• Shielding. This type of electronic circuits can easily pick up hum from the surrounding environment. For best result, all the electronics and wiring must be placed inside a shielded metal chassis. Sometimes you need to experiment with extra shielding or shielded wires. If the hum disappears when you set all pots to zero you probably, the problem might be the reverb pan (check shielding/grounding, better RCA cables, are IN/OUT reversed?).
In order to find out where the hum comes from, you can experiment with:
  • Shorting the guitar input to ground. If the hum disappears the problem might be your guitar cable.
  • Shorting the reverb-in signal to ground. If the hum disappears, the source to the hum problem is the RCA cable or the pan.
If nothing helps, try another power supply. Most modern switch-mode power supplies should work. The 12V DC power supply must be able to deliver well regulated voltage at 1A.


Is it possible to power the SurfyTrem kit from a 9V battery?
Yes, that will work fine.
What foot switch should I use?
You can use the same ON/OFF foot switch as used for many guitar amplifiers.
How can I get True-Bypass?
Just google and you will find lots of circuit diagram to try. But keep in mind, the original Showman amp did not have True Bypass. Bypass was achieved by just stopping the oscillator. This way you get a natural balance between the dry and the effect volumes!
Can I use the SurfyTrem with line level signals from/to a mixer?
No, the SurfyTrem is built for guitar signal levels and will be overdriven by line level signals. You can of course use SurfyTrem if you attenuate signal sent to the input.
I have accidently reversed the power supply wires and now the board dont work. Can this be fixed?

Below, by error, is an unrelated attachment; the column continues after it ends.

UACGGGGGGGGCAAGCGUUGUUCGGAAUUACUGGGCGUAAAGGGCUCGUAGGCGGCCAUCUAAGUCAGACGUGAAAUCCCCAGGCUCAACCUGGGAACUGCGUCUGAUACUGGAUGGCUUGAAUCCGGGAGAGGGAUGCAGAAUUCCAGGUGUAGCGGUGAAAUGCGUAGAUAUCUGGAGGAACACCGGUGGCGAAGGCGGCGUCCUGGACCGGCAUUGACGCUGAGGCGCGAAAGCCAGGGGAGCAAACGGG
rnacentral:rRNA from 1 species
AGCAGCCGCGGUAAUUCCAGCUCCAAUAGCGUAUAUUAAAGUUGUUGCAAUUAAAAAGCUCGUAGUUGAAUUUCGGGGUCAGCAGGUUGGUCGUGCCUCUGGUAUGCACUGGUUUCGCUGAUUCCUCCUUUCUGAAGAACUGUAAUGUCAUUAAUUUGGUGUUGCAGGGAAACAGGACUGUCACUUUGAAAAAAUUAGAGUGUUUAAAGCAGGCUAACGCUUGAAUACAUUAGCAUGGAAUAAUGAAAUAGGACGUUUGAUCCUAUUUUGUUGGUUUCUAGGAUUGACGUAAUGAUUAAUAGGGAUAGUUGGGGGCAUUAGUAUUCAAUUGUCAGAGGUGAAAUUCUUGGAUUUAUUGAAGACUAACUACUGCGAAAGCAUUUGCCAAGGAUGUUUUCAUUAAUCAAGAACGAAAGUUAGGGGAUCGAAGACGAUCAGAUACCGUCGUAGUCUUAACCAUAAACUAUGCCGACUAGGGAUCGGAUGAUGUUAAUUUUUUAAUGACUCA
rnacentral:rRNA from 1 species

There is an onboard reverse voltage protection diode. This diode is supposed to protect the board from reverse voltage, but in case the reverse current become too large the board can get damaged. In some cases the board can be repaired by replacing the 1N4002 hole mount diode. If that doesnt help the board is probably fried :-(



This is the typical polarity for 9V guitar pedals. Most pedals use a switch built-in the dc-jack to automatically connect the battery when no plug is inserted. This only works with center-negative polarity.

Center-positive is the standard for most electronic devices and their power supplies. This has become a standard because the positive center will be well protected inside the negative sleeve (ground) from accidently get in contact with ground. This is the polarity of most 12V power adapters on the market. Caution is required for using center-positive adapters since these can damage your 9V pedals.


This is the reply to some questions we received about why we are stocking the "B" (known as the horizontal) version of the reverb pans:
The 4AB3C1B is the type most people use. Type B will give maximum separation between spring and transducer in horizontal position. Type C in vertical. The actual difference between B and C type is only the position of the suspension springs. This can also be changed easily by just moving the spring from one hole to the next Vertical position will give maximum protection against hard bumps up-down. Sensibility to vibrations are the same. Fender use vertical and horizontal position pans in their products. My experience is that it's difficult to notice a difference. The sound is the same.